I speak of the love that lies waiting for him there, as Esther had waited for me while I walked around and around in circles. I am no longer someone dreaming of becoming something: I am the shepherd crossing the desert, but where is the alchemist who helps him to carry on? Nevertheless, the publisher accepts it, the book is published, and my readers once again take it into the bestseller lists.

Three years later, my marriage is in excellent shape; I am doing what I always wanted to do; the first translation appears, then the second, and success — slowly but surely — takes my work to the four comers of the earth.

I decide to move to Paris because of its cafes, its writers, and its cultural life. I discover that none of this exists anymore: Most of the writers there are more concerned with style than content; they strive to be original, but succeed only in being dull.

They are locked in their own little world, and I learn an interesting French expression: The Internet and its simple language are all that it takes to change the world.

A parallel world emerges in Paris: I join these new writers in cafes that no one has heard of, because neither the writers nor the cafes are as yet famous. I develop my style alone and I learn from a publisher all I need to know about mutual support. Everyone knows. What favors could I do for anyone? Let me give you an example: I know this because, like you, I too was once ambitious, independent, honest. You know that you owe me something, but I never ask you for anything.

The Favor Bank is a risky investment, just like any other bank. At a certain point, your life will begin to decline, you got halfway, but not all the way, you are half-happy and half-sad, neither frustrated nor fulfilled. I learn, I suffer, my books are translated into French, and, in the tradition of that country, the stranger is welcomed.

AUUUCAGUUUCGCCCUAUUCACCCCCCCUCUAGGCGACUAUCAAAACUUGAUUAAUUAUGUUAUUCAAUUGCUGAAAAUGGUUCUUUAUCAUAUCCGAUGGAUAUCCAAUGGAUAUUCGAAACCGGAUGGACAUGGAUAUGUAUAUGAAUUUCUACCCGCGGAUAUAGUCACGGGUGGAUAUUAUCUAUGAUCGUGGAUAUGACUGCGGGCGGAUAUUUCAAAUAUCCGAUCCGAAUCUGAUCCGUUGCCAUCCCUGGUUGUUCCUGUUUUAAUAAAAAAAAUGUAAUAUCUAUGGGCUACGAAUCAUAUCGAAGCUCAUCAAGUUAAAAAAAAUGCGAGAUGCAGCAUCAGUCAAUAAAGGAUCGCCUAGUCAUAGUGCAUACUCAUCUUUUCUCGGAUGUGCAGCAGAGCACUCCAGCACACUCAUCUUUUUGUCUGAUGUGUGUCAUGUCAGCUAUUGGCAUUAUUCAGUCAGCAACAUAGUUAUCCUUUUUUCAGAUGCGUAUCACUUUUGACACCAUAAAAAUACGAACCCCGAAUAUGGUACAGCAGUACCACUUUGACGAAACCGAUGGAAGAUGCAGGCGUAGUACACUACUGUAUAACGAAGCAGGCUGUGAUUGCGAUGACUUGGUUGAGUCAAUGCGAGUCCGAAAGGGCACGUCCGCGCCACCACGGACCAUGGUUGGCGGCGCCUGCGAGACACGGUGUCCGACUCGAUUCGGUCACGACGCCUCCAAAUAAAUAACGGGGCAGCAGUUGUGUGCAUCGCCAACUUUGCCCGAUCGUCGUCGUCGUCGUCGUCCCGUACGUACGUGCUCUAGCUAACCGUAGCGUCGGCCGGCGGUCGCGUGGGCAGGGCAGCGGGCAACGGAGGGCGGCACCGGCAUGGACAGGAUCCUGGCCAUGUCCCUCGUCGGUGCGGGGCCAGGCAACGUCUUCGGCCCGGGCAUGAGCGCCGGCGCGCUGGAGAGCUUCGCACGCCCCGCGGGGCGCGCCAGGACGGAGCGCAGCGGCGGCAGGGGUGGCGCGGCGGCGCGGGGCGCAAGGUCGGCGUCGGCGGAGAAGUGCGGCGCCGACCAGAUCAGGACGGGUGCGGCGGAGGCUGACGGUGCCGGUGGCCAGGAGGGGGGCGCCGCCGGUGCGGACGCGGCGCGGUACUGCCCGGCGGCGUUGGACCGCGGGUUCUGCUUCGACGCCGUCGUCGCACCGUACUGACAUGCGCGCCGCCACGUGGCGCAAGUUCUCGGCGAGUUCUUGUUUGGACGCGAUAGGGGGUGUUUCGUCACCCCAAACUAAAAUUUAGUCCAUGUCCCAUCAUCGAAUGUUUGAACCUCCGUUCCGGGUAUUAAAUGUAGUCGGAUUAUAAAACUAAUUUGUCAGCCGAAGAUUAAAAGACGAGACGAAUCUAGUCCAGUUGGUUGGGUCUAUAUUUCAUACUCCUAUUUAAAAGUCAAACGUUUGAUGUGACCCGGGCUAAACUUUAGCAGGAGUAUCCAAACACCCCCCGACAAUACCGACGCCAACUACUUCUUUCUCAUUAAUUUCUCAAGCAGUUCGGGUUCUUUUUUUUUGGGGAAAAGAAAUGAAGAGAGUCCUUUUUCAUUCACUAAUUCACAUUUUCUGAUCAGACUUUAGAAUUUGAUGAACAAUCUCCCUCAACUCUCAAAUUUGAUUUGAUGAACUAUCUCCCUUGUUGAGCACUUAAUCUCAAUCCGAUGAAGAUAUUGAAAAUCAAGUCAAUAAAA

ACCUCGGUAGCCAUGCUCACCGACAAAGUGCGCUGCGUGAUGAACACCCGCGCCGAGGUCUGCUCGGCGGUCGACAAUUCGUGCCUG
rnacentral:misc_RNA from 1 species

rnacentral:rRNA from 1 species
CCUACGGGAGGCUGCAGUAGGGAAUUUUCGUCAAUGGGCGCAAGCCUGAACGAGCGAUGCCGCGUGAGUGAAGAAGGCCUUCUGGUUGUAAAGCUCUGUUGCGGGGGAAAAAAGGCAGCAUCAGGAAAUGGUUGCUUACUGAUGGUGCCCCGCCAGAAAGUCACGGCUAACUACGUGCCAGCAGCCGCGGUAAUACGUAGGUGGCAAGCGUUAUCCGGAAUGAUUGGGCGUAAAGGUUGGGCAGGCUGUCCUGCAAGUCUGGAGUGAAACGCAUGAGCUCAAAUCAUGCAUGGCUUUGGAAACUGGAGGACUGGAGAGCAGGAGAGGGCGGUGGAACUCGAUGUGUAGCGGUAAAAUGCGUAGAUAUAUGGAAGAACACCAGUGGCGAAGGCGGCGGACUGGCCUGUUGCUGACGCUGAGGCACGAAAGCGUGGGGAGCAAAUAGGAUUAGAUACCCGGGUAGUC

Not only that, the stranger is an enormous success! I always repay promptly any deposits made and soon I too am a lender — of contacts.

My influence grows. I leam to ask for favors and to do the favors others ask of me. Esther gets permission to work as a journalist in France. Apart from the normal conflicts in any marriage, I am contented. I understand for the first time that all the frustrations I felt about previous love affairs and marriages had nothing to do with the women involved, but with my own bitterness.

Esther, however, was the only woman who understood one very simple thing: We have been together for eight years; I believe she is the love of my life, and although I do occasionally or, to be honest, frequently fall in love with other women who cross my path, I never consider the possibility of divorce. I never ask her if she knows about my extramarital affairs. She never makes any comment on the subject. That is why I am astonished when, as we are leaving a cinema, she tells me that she has asked her magazine if she can file a report on a civil war in Africa.

You earn good money — not that you need that money to live on. You have all the contacts you need in the Favor Bank. I mean, what is fidelity? Are you listening? I was just thinking.

So, according to you, no one is happy? Others make plans: Are you happy? Very few people actually say to me: And, of course, one day your work will end too. What will you do when that happens? There is no answer. They change the subject. I have the woman I love, the career I always dreamed of having, the kind of freedom that is the envy of all my friends, the travel, the honors, the praise.

The elegant woman who just passed us spends her days trying to hold back time, always checking the scales, because she thinks that is what love depends on. Look across the street: And in trying to distract themselves, they try as well to find a way of getting free of those tragedies, of protecting themselves from the world.

Why are we smiling when we loathe each other? Just suppose that Hitler had won the war, wiped out all the Jews and convinced his people that there really was such a thing as a master race.